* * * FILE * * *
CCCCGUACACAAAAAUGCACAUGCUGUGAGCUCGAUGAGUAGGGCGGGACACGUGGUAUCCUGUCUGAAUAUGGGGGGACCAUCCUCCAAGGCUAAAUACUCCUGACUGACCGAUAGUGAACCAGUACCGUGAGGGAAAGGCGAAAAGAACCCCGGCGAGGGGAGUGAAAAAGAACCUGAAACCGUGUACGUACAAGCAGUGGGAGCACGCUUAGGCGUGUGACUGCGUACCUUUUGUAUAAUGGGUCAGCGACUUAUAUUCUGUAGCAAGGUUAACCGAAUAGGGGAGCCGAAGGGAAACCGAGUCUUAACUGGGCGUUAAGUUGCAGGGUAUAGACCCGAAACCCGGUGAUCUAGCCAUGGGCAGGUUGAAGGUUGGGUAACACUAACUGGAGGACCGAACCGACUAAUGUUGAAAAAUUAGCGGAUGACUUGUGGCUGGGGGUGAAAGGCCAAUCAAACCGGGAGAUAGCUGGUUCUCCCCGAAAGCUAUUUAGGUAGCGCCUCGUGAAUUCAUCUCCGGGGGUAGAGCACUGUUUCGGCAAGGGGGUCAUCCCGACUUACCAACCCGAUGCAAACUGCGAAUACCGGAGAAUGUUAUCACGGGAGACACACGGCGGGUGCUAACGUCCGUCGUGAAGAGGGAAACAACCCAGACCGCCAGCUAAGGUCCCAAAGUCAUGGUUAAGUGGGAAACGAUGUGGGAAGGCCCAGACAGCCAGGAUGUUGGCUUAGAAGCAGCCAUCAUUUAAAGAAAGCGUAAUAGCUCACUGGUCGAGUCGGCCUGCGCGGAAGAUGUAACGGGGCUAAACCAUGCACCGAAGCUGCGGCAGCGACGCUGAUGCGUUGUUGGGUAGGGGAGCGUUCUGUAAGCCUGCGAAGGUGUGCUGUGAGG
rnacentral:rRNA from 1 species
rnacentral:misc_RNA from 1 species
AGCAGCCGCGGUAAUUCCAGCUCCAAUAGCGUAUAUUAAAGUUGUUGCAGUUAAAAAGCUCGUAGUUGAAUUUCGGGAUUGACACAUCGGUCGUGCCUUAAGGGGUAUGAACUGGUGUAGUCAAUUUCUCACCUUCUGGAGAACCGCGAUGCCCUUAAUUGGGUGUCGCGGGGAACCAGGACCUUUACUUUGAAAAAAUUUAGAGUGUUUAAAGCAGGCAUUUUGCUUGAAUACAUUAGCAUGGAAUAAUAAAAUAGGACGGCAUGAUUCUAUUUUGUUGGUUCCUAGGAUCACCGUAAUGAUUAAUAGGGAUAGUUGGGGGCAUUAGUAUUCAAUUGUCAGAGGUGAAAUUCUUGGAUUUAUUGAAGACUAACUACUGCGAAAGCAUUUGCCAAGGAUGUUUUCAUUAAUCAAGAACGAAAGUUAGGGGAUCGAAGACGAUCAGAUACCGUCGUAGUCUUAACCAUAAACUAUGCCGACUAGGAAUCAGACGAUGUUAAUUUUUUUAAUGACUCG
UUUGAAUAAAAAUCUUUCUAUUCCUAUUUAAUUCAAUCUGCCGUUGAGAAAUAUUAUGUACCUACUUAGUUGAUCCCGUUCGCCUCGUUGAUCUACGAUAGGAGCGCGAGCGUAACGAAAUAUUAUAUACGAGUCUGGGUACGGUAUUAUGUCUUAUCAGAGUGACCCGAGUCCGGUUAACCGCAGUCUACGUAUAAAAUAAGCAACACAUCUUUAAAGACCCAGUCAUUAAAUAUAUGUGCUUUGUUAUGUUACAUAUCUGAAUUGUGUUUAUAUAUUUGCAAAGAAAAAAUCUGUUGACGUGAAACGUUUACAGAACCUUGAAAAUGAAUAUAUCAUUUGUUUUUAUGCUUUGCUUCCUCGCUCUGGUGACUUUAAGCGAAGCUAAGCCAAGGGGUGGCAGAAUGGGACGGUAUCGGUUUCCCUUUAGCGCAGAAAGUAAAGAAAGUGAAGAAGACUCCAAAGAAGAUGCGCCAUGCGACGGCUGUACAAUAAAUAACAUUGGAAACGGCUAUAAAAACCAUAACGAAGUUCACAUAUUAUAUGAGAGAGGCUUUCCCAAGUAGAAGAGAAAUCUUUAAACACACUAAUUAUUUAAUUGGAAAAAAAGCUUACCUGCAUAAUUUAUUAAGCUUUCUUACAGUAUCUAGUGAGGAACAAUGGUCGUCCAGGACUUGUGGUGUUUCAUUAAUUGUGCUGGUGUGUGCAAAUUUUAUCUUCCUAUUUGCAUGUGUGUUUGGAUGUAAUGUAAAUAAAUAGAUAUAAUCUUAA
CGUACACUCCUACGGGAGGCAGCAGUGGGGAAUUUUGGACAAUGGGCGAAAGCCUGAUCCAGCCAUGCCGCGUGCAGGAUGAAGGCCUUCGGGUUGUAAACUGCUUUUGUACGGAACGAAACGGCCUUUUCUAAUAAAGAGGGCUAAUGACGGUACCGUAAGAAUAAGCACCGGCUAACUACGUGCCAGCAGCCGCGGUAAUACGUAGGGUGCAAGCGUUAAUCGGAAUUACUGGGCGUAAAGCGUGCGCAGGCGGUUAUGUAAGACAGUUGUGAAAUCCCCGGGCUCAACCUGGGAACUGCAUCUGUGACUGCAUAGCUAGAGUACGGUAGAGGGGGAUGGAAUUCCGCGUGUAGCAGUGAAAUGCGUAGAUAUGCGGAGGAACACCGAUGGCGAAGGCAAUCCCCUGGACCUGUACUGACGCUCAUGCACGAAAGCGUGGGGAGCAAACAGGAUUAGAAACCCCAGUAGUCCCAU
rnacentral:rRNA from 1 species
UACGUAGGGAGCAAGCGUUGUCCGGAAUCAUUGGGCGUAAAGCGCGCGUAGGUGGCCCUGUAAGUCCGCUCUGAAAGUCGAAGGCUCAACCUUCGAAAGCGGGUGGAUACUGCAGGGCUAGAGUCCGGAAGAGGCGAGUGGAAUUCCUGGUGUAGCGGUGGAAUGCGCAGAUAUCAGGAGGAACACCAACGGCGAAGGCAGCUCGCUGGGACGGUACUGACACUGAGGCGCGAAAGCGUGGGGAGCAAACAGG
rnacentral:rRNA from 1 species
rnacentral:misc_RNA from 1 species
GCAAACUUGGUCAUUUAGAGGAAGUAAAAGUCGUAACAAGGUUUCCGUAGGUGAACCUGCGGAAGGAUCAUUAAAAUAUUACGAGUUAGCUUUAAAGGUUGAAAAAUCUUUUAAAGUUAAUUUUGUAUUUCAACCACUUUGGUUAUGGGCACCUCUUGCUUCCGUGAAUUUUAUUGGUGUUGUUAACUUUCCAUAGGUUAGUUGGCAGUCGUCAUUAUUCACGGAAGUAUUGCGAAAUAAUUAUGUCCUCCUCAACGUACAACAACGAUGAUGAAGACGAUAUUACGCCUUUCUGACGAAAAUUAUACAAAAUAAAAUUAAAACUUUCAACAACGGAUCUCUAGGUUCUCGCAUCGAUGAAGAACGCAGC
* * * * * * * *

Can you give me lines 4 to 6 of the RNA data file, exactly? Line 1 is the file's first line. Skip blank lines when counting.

AGCAGCCGCGGUAAUUCCAGCUCCAAUAGCGUAUAUUAAAGUUGUUGCAGUUAAAAAGCUCGUAGUUGAAUUUCGGGAUUGACACAUCGGUCGUGCCUUAAGGGGUAUGAACUGGUGUAGUCAAUUUCUCACCUUCUGGAGAACCGCGAUGCCCUUAAUUGGGUGUCGCGGGGAACCAGGACCUUUACUUUGAAAAAAUUUAGAGUGUUUAAAGCAGGCAUUUUGCUUGAAUACAUUAGCAUGGAAUAAUAAAAUAGGACGGCAUGAUUCUAUUUUGUUGGUUCCUAGGAUCACCGUAAUGAUUAAUAGGGAUAGUUGGGGGCAUUAGUAUUCAAUUGUCAGAGGUGAAAUUCUUGGAUUUAUUGAAGACUAACUACUGCGAAAGCAUUUGCCAAGGAUGUUUUCAUUAAUCAAGAACGAAAGUUAGGGGAUCGAAGACGAUCAGAUACCGUCGUAGUCUUAACCAUAAACUAUGCCGACUAGGAAUCAGACGAUGUUAAUUUUUUUAAUGACUCG
UUUGAAUAAAAAUCUUUCUAUUCCUAUUUAAUUCAAUCUGCCGUUGAGAAAUAUUAUGUACCUACUUAGUUGAUCCCGUUCGCCUCGUUGAUCUACGAUAGGAGCGCGAGCGUAACGAAAUAUUAUAUACGAGUCUGGGUACGGUAUUAUGUCUUAUCAGAGUGACCCGAGUCCGGUUAACCGCAGUCUACGUAUAAAAUAAGCAACACAUCUUUAAAGACCCAGUCAUUAAAUAUAUGUGCUUUGUUAUGUUACAUAUCUGAAUUGUGUUUAUAUAUUUGCAAAGAAAAAAUCUGUUGACGUGAAACGUUUACAGAACCUUGAAAAUGAAUAUAUCAUUUGUUUUUAUGCUUUGCUUCCUCGCUCUGGUGACUUUAAGCGAAGCUAAGCCAAGGGGUGGCAGAAUGGGACGGUAUCGGUUUCCCUUUAGCGCAGAAAGUAAAGAAAGUGAAGAAGACUCCAAAGAAGAUGCGCCAUGCGACGGCUGUACAAUAAAUAACAUUGGAAACGGCUAUAAAAACCAUAACGAAGUUCACAUAUUAUAUGAGAGAGGCUUUCCCAAGUAGAAGAGAAAUCUUUAAACACACUAAUUAUUUAAUUGGAAAAAAAGCUUACCUGCAUAAUUUAUUAAGCUUUCUUACAGUAUCUAGUGAGGAACAAUGGUCGUCCAGGACUUGUGGUGUUUCAUUAAUUGUGCUGGUGUGUGCAAAUUUUAUCUUCCUAUUUGCAUGUGUGUUUGGAUGUAAUGUAAAUAAAUAGAUAUAAUCUUAA
CGUACACUCCUACGGGAGGCAGCAGUGGGGAAUUUUGGACAAUGGGCGAAAGCCUGAUCCAGCCAUGCCGCGUGCAGGAUGAAGGCCUUCGGGUUGUAAACUGCUUUUGUACGGAACGAAACGGCCUUUUCUAAUAAAGAGGGCUAAUGACGGUACCGUAAGAAUAAGCACCGGCUAACUACGUGCCAGCAGCCGCGGUAAUACGUAGGGUGCAAGCGUUAAUCGGAAUUACUGGGCGUAAAGCGUGCGCAGGCGGUUAUGUAAGACAGUUGUGAAAUCCCCGGGCUCAACCUGGGAACUGCAUCUGUGACUGCAUAGCUAGAGUACGGUAGAGGGGGAUGGAAUUCCGCGUGUAGCAGUGAAAUGCGUAGAUAUGCGGAGGAACACCGAUGGCGAAGGCAAUCCCCUGGACCUGUACUGACGCUCAUGCACGAAAGCGUGGGGAGCAAACAGGAUUAGAAACCCCAGUAGUCCCAU